The 1856 proposal by the governor of NSW, William Denison, to terminate the steam railway on the Main Northern Line at Lochinvar, with a horse-drawn tramway used from there to Armidale, was overturned in 1857 after argument by John Whitton, the newly installed engineer-in-chief of the Railways Department.
The Newcastle to West Maitland portion of the Main Northern Line was opened in July 1858 but it was not until October 14, 1878 that it reached West Tamworth. In the meantime, there were many meetings and much lobbying in regard to the path of the extension north of Tamworth.
One plan put forward was for an isolated line connecting the Port of Grafton to the tablelands with feeder lines to Tenterfield in the north and Armidale in the south. It failed to gain support in New England.
Another plan was for a line from Tamworth to Tenterfield via Manilla, Barraba and Inverell to avoid the high cost of climbing onto and descending from the tablelands. It failed due to superior political clout by the voters of New England.
After much discussion, and a change of government, the plan to have the line pass through Uralla, Armidale, Glen Innes and Tenterfield on its way to Wallangarra was adopted. Armidale residents successfully opposed a variation to the plan that saw Armidale bypassed by several miles to save the cost of building the line through some difficult terrain.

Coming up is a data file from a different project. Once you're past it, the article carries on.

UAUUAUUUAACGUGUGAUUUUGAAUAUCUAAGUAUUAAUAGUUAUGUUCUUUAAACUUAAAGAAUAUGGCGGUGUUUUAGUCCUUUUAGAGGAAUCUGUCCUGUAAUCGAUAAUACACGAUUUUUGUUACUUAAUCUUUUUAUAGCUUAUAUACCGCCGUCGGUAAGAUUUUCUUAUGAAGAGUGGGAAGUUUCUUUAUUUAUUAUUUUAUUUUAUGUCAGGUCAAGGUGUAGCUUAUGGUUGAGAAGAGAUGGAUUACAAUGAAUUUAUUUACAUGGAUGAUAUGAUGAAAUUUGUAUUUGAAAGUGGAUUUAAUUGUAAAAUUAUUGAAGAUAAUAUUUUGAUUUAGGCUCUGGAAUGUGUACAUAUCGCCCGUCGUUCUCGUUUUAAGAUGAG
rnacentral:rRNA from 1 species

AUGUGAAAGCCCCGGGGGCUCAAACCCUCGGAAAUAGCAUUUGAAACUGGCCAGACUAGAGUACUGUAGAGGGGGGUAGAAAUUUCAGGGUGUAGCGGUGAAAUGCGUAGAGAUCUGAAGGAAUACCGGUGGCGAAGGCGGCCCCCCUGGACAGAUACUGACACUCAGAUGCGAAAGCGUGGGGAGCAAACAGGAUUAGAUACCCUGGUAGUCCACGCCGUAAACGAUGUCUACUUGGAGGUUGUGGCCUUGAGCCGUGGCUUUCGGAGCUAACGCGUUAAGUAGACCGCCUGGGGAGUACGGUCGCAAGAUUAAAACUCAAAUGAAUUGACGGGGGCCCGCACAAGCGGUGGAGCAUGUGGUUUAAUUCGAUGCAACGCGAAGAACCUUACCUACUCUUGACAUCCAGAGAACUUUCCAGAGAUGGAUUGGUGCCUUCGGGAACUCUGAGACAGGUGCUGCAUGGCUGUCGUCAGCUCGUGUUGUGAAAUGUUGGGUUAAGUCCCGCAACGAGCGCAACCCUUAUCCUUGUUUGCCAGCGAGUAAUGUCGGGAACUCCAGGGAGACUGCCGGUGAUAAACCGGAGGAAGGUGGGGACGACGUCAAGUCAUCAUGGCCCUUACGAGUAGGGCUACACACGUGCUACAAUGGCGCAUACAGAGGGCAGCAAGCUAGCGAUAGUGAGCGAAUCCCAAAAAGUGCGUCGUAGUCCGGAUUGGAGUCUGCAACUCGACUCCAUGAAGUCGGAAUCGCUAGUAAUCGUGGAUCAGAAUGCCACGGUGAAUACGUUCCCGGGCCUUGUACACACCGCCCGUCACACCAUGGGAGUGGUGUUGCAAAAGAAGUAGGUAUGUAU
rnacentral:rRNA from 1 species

In the meantime, there had been plenty of lobbying to have the railway pass directly through Walcha, but this was never considered to be viable due to higher construction costs with little if any increase in revenue.
Walcha did however lobby successfully for some changes to the original planning. The Commissioner for Railways wrote to the local Railway Committee on May 12, 1880 advising that the station to service Walcha was to be located at the 227-mile peg from Newcastle. C.D. Fenwick replied on behalf of the local committee saying: “A large public meeting at Walcha found the location to be objectionable and concluded that a station at the 222-mile peg would be the most suitable as it would save five miles of railway and four miles of road.”
The government reversed its earlier decision and agreed to the present location of the station at Walcha Road. This required significant extra work including the cutting away of the hillside at the station site and the removal of some 40,000 cubic yards of rock and soil.